But the “new” anthem is now over forty-five years old and seems to have acquired, over time, the requisite soul-stirring quality of the genre. I may have quibbled earlier on about the limitations of classical nyen-ngag poetry, but I am prepared to admit that I do succumb, sometimes, to the emotional call of the national anthem. I first analyzed these feelings when I was a young volunteer at Mustang and we sang the national anthem every morning after our calisthenics and military drill. An excerpt from a work in progress:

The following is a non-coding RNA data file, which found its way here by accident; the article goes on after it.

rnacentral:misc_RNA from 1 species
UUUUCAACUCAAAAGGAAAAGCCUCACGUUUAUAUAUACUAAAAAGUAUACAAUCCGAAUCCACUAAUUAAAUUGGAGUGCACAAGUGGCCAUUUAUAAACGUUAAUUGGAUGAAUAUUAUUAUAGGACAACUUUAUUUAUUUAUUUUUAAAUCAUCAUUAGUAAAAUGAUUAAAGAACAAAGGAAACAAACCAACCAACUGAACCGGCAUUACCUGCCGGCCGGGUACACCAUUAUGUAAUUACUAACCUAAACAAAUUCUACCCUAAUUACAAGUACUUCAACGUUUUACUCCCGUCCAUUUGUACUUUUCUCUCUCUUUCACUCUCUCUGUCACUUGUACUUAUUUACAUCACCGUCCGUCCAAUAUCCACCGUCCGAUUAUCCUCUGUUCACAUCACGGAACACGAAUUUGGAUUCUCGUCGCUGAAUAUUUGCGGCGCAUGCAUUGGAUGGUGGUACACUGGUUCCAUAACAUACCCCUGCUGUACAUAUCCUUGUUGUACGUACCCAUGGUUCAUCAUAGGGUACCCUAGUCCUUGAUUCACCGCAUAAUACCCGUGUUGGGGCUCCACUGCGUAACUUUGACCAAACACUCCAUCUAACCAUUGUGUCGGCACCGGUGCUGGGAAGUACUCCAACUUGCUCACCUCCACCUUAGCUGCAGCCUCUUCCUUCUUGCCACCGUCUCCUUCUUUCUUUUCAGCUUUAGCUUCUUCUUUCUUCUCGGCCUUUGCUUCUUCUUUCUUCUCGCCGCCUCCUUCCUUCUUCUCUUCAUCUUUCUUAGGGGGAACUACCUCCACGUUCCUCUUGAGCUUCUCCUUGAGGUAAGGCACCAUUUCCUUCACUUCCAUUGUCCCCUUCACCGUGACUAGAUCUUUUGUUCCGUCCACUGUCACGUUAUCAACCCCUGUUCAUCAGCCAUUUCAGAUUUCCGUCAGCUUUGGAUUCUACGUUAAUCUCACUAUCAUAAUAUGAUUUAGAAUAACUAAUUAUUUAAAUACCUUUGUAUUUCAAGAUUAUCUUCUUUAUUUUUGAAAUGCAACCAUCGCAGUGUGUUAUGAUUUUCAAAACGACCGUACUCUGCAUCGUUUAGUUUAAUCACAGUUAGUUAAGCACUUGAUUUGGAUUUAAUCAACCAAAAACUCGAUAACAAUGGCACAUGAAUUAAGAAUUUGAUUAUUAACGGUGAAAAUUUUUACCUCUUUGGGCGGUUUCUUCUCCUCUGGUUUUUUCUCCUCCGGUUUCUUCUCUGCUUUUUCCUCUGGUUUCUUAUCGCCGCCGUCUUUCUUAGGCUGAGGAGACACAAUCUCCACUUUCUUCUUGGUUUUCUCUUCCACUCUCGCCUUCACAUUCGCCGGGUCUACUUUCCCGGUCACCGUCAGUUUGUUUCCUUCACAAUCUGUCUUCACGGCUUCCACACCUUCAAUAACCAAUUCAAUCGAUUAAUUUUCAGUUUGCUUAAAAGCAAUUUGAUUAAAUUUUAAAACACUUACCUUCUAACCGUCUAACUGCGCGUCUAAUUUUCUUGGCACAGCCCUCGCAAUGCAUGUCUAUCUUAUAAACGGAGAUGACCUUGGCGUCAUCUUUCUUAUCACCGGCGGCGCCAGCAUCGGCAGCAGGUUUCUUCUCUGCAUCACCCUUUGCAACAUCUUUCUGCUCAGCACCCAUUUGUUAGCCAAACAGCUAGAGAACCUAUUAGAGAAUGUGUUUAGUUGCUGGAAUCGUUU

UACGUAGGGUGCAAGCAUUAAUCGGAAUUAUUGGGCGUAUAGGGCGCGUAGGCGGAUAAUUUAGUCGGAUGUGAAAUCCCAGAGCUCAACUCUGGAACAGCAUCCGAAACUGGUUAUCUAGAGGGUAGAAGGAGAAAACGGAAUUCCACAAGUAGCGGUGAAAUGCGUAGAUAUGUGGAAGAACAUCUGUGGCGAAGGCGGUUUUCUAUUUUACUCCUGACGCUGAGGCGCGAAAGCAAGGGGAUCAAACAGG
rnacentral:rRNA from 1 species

“In spite of our martial demonstrations we (our platoon of about thirty men) were not an impressive lot. We varied in age from a white-haired ancient of seventy odd years to two little boys (the product of a liaison of one of our men with a local Lopa woman). We also had no uniform as such, except for homemade forage caps and anoraks that we stitched ourselves out of cotton khaki fabric. Some men wore shirts made of camouflage parachute nylon, and odds and ends of Chinese uniforms. Footwear varied from traditional Tibetan cloth boots, to Chinese canvas sneakers. The few lucky ones had vibram-soled army boots bought at Pokhra and Butwal from British Gurkha soldiers on leave. But the informality of our attire didn’t bother me. I felt about it much as Orwell probably did the turnout of his comrades at the Lenin barracks in Catalonia during the Spanish Civil War. ’…the mashed forage caps and ragtag, hand-me-down uniforms gave the men a grizzled courageous look you see in embattled legionnaires — a kind of sloppiness that seemed indistinguishable from hard won experience.’